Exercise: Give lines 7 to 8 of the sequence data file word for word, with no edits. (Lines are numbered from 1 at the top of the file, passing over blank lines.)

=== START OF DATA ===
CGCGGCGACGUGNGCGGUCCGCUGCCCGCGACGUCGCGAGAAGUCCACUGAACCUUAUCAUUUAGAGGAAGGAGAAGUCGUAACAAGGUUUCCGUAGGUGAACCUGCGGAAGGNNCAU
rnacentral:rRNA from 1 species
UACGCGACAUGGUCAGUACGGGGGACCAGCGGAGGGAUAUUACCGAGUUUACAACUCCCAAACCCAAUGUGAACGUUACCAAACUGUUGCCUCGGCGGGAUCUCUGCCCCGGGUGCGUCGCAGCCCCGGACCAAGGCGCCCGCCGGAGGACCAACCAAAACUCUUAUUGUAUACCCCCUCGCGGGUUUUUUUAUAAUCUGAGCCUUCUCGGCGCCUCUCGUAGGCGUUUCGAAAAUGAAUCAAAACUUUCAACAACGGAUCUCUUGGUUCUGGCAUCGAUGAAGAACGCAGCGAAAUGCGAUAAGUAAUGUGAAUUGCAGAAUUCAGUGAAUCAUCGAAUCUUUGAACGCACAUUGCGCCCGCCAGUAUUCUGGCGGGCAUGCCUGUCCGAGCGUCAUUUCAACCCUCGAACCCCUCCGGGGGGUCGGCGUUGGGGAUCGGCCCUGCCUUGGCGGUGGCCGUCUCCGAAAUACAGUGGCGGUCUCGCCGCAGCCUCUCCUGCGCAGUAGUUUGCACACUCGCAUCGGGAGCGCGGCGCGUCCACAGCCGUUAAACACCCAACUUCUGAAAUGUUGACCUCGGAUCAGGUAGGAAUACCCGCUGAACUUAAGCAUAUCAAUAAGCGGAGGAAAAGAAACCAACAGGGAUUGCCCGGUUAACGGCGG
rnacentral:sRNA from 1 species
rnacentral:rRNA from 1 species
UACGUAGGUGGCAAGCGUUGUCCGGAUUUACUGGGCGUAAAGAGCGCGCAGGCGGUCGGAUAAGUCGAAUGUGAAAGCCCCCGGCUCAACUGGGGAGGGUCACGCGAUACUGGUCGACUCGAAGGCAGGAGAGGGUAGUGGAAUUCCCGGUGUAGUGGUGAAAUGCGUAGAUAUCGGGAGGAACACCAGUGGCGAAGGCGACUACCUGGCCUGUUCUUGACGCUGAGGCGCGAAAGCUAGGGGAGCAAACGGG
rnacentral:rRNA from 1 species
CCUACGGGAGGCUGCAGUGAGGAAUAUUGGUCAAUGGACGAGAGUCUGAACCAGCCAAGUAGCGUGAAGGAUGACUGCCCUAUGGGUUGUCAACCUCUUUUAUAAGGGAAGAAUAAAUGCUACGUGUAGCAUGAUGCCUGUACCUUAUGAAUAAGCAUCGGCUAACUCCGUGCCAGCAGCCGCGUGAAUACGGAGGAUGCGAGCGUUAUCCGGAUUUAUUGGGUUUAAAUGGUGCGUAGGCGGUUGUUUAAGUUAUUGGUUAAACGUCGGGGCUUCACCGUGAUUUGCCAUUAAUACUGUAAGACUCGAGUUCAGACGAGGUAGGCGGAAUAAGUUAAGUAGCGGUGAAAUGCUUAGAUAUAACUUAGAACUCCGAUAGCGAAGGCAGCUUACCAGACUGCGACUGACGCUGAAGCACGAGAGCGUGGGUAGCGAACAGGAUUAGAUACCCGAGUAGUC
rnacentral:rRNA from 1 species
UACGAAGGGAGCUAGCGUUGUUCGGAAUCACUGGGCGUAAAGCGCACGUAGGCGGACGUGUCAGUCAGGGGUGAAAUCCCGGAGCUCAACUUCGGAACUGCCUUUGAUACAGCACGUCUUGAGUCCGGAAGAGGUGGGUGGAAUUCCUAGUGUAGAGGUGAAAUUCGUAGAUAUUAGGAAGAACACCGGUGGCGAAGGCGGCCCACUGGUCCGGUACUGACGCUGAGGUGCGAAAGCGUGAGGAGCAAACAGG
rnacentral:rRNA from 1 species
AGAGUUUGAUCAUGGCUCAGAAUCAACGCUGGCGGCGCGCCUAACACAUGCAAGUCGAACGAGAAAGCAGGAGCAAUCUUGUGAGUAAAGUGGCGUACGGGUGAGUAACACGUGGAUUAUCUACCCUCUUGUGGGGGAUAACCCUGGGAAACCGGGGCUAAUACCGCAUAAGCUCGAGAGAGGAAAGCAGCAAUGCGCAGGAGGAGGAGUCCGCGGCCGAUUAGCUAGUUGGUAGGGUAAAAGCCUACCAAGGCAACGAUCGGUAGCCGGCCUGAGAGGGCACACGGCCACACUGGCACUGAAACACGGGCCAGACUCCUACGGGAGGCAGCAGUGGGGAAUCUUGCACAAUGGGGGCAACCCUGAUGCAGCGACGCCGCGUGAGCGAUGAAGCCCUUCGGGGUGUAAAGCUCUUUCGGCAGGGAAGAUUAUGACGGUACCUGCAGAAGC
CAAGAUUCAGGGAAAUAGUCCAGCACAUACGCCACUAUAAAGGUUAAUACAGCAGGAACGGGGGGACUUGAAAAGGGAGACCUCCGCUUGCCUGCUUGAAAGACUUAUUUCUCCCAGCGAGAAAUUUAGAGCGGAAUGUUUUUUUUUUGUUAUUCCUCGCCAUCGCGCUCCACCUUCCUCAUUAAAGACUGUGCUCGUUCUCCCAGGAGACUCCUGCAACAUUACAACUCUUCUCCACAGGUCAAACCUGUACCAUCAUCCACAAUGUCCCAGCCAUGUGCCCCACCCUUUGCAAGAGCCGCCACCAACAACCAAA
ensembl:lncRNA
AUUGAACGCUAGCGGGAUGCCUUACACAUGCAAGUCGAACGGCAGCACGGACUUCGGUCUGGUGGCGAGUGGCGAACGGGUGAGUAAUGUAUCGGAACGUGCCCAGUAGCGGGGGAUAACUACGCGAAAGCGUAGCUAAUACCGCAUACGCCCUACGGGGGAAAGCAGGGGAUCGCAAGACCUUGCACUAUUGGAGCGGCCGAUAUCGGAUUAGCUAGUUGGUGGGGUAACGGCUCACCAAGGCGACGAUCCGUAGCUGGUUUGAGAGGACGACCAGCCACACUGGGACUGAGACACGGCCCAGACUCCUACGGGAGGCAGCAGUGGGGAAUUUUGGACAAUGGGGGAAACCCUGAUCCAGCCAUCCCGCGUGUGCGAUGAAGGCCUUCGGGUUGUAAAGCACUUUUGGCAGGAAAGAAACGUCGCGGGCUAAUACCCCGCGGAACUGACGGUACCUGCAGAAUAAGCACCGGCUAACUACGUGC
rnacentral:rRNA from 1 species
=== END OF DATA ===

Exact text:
rnacentral:rRNA from 1 species
CCUACGGGAGGCUGCAGUGAGGAAUAUUGGUCAAUGGACGAGAGUCUGAACCAGCCAAGUAGCGUGAAGGAUGACUGCCCUAUGGGUUGUCAACCUCUUUUAUAAGGGAAGAAUAAAUGCUACGUGUAGCAUGAUGCCUGUACCUUAUGAAUAAGCAUCGGCUAACUCCGUGCCAGCAGCCGCGUGAAUACGGAGGAUGCGAGCGUUAUCCGGAUUUAUUGGGUUUAAAUGGUGCGUAGGCGGUUGUUUAAGUUAUUGGUUAAACGUCGGGGCUUCACCGUGAUUUGCCAUUAAUACUGUAAGACUCGAGUUCAGACGAGGUAGGCGGAAUAAGUUAAGUAGCGGUGAAAUGCUUAGAUAUAACUUAGAACUCCGAUAGCGAAGGCAGCUUACCAGACUGCGACUGACGCUGAAGCACGAGAGCGUGGGUAGCGAACAGGAUUAGAUACCCGAGUAGUC